24 October 2016
Today’s banking customers expect a consistent online experience, across any channel, on any device, at any time. Photo: Bloomberg
Today’s banking customers expect a consistent online experience, across any channel, on any device, at any time. Photo: Bloomberg

How to create a better mobile banking experience

Delivering a high-quality user experience across different networks and devices is a challenge. Today’s banking customers demand excellence regardless of how they choose to interact. Whether the experience is good or bad — customers will remember the brand. It takes 12 positive experiences to make up for one unresolved negative incident.

Here are some key factors to implement while developing a mobile banking strategy:

1. Make mobile banking apps faster

Customer expectations are being shaped by their digital experiences — both banking and non-banking. Today’s banking customers expect a consistent online experience, across any channel, on any device, at any time. A poor mobile experience is the leading cause of abandonment, but is also the easiest problem to fix.

Banks can solve problematic performance issues using content delivery and dynamic network acceleration solutions. Front-end optimizations, including adaptive image compression and device characterization, can help improve performance for a great mobile web experience.

2. Tailor web experiences to mobile banking users of all types

Today’s banking customers are using hundreds of different devices, browsers and networks. Depending on network congestion, page response times can be 50 percent slower than another page. Some customers will adopt a ‘Responsive Web Design’ approach, creating a single website that automatically responds to the current device, and changes its design accordingly.

However, there is a performance trade off due to larger file sizes. One of the solutions to the speed issue with Responsive Web Design is often called Responsive Images. Using Responsive Images means loading images in a smarter fashion: avoiding the download of hidden images, and ensuring that devices with smaller screens download smaller images.

3. Rapidly direct customers to the desired content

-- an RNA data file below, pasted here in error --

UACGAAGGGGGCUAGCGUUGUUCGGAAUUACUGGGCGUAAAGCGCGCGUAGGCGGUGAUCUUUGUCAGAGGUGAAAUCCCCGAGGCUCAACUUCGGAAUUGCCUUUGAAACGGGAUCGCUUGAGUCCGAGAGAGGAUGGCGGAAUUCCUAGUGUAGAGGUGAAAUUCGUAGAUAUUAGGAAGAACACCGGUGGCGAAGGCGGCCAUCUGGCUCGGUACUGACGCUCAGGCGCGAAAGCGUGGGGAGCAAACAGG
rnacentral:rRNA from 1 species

Native apps are a solid choice for frequently used applications, but they can be far more costly to maintain. With content delivery network service, banks can define which functions to deliver via apps versus the mobile web and intelligently direct users to the appropriate site. This low-latency redirect minimizes end-user wait time. It also offloads the origin server and frees the content provider from having to maintain a continually changing database of device capabilities.

4. Measure the business impact of all revenue channels

The most important step to improving site performance is measuring all end-user web experiences. Banks need to measure performance and correlate these measurements against the key business metrics (e.g., revenue and conversion) of each revenue channel. This enables banks to identify specific performance gaps and refocus on website features and capabilities when appropriate.

5. Know the users and optimize for their needs

Measuring website’s page load times, as experienced by end users, will help banks gain insights as to customers’ overall web experience. Banks can make informed decisions and quickly rectify problems as related to performance geographies, browsers, devices and connectivity settings. Collecting and analyzing the data individually, rather than looking at the overall average performance, will help banks understand their users and deliver optimized experiences based on their individual needs.

6. Protect data, sites and applications from a security breach

In today’s quickly changing IT environment, mobile sites and applications are often one of the weakest and most-targeted points. According to a recent survey, one-third of 130 mobile phone apps used by Hongkongers to facilitate online transactions are vulnerable to hackers. Using a combination of mobile device management and a cloud-based firewall to protect mobile infrastructure is key to reducing business disruption, providing revenue protection, improving application response time and reducing risk to brand reputability.

7. Prevent downtime with a DDoS protection solution

Financial Services Institutions are at an increased risk of more frequent and sophisticated efforts to compromise their websites and applications in order to steal intellectual property and customer data. Having a DDoS (distributed denial of service) protection strategy that offers scalable protection — without compromising performance — is essential to maintain business continuity and brand reputation while providing a solution for customers to simplify their financial lives.

Web performance directly impacts user experience, engagement and revenue. As demand for online banking continues to grow and more customers rely on mobile devices for managing their finances, financial services institutions need to ensure they provide seamless and consistent user experience across all channels.

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Industry Marketing Manager, Financial Services, Akamai Technologies

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